This Week in History: USS Thresher sinks, Apollo 13, and Thomas Jefferson born

Happy Sunday! Attached is a summary of my “morning history” posts from this past week. For those who are interested, links to these posts can now be found on Pinterest, too. Enjoy and have a great week!

Monday, April 9

Medal of Honor Monday! On (almost) this day in 1970, an Army Ranger concludes an action that would ultimately earn him the Medal of Honor. Would you believe that Sergeant First Class Gary Littrell fought, non-stop, for four days and nights? Nor was he the only one. Nearly 500 men went into that battle. Only 42 would emerge. FULL STORY: Permalink; Facebook; Google+; Instagram

Bonus post: Federalist Paper No. 78: “No legislative act, therefore, contrary to the Constitution, can be valid. To deny this, would be to affirm, that . . . the representatives of the people are superior to the people themselves; that men acting by virtue of powers, may do not only what their powers do not authorize, but what they forbid.” MORE:  Permalink; Facebook

Tuesday, April 10

On this day in 1963, the USS Thresher sinks off the coast of Cape Cod. Sadly, a rescue ship was floating helplessly above the wreckage, listening to the sounds of the submarine breaking up below. The tragedy shocked the naval community. Thresher was considered one of the premier submarines of its time. It was fast—and quiet! It could dive deeper than other submarines. It should have been a valuable asset for the United States during the Cold War. Instead, it sank and imploded. FULL STORY: Permalink; Facebook; Google+; Instagram

 Wednesday, April 11

On this day in 1970, Apollo 13 is launched. Just two days later, the mission would unfortunately be struck by catastrophe. An oxygen tank would explode, leaving three astronauts in a crippled spaceship about 200,000 miles from Earth. How would they survive? For days, the country waited in suspense. Congress passed resolutions asking Americans to pray. FULL STORY: Permalink; Facebook; Google+; Instagram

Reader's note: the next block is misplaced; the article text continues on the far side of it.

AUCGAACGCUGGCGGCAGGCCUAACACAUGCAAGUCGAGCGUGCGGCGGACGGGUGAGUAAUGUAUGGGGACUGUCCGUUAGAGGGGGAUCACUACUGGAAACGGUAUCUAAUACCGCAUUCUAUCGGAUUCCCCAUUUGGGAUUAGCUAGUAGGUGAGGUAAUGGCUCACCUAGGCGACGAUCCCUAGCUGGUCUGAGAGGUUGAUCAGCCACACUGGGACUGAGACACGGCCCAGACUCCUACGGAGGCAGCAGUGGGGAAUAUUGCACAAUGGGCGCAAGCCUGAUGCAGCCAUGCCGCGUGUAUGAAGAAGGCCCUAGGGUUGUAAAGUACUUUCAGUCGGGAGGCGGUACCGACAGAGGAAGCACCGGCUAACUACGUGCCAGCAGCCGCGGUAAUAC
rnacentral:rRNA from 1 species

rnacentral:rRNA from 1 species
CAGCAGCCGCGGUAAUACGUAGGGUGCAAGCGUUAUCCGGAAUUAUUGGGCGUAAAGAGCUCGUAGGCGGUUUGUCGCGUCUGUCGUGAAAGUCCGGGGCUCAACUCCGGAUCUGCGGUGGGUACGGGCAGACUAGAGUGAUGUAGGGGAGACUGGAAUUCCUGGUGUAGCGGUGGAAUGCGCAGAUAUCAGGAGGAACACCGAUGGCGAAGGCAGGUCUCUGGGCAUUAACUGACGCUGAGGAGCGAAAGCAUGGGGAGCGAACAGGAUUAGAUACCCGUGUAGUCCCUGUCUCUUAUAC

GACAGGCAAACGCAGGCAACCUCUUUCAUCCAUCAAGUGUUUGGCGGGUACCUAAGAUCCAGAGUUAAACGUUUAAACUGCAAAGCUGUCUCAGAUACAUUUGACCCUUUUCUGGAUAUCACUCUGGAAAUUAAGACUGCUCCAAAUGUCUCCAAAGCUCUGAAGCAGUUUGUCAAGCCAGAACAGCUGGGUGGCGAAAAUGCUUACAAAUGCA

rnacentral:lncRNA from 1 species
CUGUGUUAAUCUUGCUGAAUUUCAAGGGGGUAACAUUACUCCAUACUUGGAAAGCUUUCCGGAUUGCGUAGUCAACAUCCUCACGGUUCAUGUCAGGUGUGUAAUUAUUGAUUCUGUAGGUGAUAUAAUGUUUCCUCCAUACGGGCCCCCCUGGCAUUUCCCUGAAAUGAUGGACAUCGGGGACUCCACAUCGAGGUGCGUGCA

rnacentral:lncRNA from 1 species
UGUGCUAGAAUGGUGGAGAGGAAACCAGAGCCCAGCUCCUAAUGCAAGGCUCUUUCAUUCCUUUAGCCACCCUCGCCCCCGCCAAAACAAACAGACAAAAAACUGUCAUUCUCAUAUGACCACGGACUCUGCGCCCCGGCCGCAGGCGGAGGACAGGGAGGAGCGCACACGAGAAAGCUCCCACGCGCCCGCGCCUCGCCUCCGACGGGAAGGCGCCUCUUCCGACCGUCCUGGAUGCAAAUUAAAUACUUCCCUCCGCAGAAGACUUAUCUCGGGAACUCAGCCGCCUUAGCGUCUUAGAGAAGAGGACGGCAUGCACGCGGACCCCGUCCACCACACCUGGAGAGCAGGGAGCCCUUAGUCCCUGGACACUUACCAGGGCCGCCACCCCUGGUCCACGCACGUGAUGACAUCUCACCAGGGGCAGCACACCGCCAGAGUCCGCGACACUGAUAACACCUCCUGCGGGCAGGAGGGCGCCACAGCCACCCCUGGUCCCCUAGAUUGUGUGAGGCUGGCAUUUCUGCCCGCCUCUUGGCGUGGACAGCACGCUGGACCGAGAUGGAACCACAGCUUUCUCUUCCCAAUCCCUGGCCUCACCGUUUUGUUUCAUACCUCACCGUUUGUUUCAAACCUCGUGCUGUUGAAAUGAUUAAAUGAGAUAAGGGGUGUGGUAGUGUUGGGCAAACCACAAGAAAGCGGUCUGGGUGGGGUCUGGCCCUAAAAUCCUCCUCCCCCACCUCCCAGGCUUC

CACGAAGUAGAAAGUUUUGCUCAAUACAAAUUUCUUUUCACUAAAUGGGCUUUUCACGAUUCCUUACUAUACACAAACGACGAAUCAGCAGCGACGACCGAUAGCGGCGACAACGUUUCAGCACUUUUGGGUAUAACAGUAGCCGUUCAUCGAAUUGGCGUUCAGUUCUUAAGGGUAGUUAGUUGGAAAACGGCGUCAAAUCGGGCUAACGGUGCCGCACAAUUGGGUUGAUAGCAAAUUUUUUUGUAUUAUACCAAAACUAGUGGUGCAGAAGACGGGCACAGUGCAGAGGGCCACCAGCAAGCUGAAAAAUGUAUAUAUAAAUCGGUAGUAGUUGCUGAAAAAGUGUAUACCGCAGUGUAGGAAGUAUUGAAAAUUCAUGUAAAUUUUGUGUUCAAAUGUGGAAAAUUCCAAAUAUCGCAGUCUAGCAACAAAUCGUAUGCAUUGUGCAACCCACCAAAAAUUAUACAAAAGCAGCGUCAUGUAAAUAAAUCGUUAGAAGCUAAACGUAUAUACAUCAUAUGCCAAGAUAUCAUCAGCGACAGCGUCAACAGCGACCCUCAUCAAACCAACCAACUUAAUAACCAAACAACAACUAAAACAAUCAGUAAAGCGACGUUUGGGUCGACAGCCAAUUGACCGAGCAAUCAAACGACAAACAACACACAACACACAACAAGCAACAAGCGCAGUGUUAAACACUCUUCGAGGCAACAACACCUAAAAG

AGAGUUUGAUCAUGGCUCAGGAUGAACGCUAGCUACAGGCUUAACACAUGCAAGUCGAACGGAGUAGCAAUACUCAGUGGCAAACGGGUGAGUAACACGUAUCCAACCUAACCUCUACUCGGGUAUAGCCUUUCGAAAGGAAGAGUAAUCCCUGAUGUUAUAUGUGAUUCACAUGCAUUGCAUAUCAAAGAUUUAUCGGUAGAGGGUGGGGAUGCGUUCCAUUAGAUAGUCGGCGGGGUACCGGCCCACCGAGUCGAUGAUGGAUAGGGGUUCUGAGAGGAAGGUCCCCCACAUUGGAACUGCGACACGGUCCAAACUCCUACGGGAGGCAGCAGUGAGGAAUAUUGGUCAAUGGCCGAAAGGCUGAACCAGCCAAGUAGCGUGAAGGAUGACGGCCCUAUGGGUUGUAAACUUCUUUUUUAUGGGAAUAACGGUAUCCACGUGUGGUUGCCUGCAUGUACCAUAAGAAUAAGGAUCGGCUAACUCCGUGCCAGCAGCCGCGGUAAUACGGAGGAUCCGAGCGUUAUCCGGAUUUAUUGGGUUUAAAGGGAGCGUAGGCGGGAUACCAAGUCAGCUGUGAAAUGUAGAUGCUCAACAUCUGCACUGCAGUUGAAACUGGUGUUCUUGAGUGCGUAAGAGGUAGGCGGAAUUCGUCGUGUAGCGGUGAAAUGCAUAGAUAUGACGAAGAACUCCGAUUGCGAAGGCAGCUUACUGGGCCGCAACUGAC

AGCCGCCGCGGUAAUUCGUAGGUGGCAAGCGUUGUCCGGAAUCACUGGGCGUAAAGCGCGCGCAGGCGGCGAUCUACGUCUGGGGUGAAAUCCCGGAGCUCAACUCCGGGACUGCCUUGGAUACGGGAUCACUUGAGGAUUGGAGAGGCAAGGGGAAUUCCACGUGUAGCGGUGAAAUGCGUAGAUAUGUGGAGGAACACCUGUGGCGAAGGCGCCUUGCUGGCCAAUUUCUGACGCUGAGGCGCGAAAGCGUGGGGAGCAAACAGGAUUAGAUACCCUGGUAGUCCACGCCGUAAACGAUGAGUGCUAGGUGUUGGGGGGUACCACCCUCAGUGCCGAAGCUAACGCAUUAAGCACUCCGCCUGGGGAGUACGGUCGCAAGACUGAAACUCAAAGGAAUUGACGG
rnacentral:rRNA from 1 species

Thursday, April 12

On this day in 1861, the first shot of the Civil War is fired. Was this moment inevitable? Not everyone thought so. Tensions had long existed between North and South, of course, but Abraham Lincoln’s election in 1860 made things even worse. Southern states were irate! Seven seceded and formed themselves into the Confederate States of America. FULL STORY: Permalink; Facebook; Google+; Instagram

Friday, April 13

On this day in 1743, Thomas Jefferson is born. You already know that he drafted the Declaration of Independence. But did you know that he was only 33 years old when he did it? What prompted congressional members to turn to one of their youngest for such an important task? The answer reveals a more anti-slavery Jefferson than you might have expected. FULL STORY: Permalink; Facebook; Google+; Instagram

Saturday, April 14

On this day in 1775, America’s first abolitionist group is formed. Wait. What? Some of our Founders were trying to end slavery, even before the American Revolution? Yes, that’s right. Even during the early years of our country, some Americans were working to end slavery. The much-respected Benjamin Franklin was one of these individuals. FULL STORY: Permalink; Facebook; Google+; Instagram

Check out my Saturday morning presidential trivia! Facebook

Sunday, April 15

On this day in 1865, Abraham Lincoln passes away. He had been shot by an assassin the day before. The President had decided to spend his Good Friday evening at a comedy at Ford’s Theatre in Washington, D.C. It had been only 5 days since General Robert E. Lee surrendered to General Ulysses S. Grant, effectively bringing the Civil War to a close. As the President watched the show from his box, an assassin burst through the door. FULL STORY: Permalink; Facebook; Google+; Instagram